Everybody’s Got Something, Robin Roberts, (Hachette/Grand Central; Hachette Audio)

Roberts is on the cover of the upcoming issue of People magazine and the subject of a “By the Book” profile in the NYT Book Review. In this, the second memoir by the popular host of Good Morning America, Roberts writes about overcoming breast cancer only to discover five years later that she has rare blood disorder.

Notable Paperback Release 

Gone Girl, Gillian Flynn, (RH/Broadway Books)

We don’t normally list paperback reprints, but this one is particularly timely. It comes just as a the first full trailer for the movie is released amid buzz about an altered ending, which will likely draw even more people to read the book first. The tie-in paperbacks won’t be released until Aug. 26.  The movie is scheduled for Oct. 3.

Advance Review Attention

Lovers at the Chameleon Club

Lovers at the Chameleon Club, Paris 1932, Francine Prose, (Harper)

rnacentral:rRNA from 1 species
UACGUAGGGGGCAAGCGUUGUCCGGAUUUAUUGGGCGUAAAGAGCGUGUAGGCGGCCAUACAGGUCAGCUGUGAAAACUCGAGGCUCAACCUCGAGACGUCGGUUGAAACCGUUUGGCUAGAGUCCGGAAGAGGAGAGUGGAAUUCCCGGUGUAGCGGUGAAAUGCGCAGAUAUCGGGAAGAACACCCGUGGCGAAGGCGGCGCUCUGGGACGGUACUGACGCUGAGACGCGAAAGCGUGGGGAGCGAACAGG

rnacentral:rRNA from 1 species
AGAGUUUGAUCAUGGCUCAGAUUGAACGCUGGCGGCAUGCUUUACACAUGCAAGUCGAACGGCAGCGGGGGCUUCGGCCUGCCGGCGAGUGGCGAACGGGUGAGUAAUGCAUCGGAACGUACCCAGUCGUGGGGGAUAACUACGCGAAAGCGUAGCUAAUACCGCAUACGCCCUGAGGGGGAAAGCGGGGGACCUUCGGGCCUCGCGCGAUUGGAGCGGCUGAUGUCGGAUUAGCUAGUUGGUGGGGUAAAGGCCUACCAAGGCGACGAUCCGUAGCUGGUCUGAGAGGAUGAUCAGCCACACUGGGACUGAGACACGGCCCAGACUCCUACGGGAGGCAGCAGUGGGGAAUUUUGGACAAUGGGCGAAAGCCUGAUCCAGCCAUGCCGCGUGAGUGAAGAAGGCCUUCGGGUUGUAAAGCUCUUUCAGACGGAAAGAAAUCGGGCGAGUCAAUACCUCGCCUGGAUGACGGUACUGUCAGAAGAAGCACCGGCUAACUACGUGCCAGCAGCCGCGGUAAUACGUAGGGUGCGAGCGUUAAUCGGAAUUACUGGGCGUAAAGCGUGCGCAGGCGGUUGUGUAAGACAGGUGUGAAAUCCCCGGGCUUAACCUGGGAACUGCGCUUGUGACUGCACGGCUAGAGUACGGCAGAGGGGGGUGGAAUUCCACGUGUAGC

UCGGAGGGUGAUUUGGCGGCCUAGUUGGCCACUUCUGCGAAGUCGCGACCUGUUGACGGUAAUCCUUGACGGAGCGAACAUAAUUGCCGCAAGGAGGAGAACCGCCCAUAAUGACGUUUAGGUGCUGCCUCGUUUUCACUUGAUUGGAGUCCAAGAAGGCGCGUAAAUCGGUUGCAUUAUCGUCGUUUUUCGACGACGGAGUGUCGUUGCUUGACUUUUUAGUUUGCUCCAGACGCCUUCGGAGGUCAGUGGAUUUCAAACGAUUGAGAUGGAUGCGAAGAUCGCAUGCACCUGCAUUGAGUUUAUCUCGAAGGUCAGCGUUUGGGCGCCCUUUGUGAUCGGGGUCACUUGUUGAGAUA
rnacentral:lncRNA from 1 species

Edmund White’s cover review of Prose’s new novel for Sunday’s NYT Book Review, should draw in readers, both for its headline, “Divine Decadence” and for its opening lines saying that evil characters are often the most fun and that the one created by the “subtle psychologist,” Prose is “a genuinely evil character … a cross-dressing French race car driver who collaborate with the Nazis.” After praising the book’s style and ability, “like all great novels,”  to make the reader symphasize with even a repugnant character, White spends several paragraphs taking issue with aspects of the book, which he then annoyingly dismisses as a mere “quibble” and ends by calling this a “novel of great power and reach.” In the daily NYT, Janet Maslin begins her review with, “The breadth, nerve and intricacy of Francine Prose’s big new novel should surprise even her most regular readers. A bona fide page turner, Lovers at the Chameleon Club, Paris 1932 unfolds over 20 years, across an increasingly ominous Europe, among thugs and artists and poseurs who share only the danger that threatens to cramp their partying style.” She has her “quibble,” too wishing that the book  had been “slightly tighter.” Ignore the quibbles, this one sounds fascinating.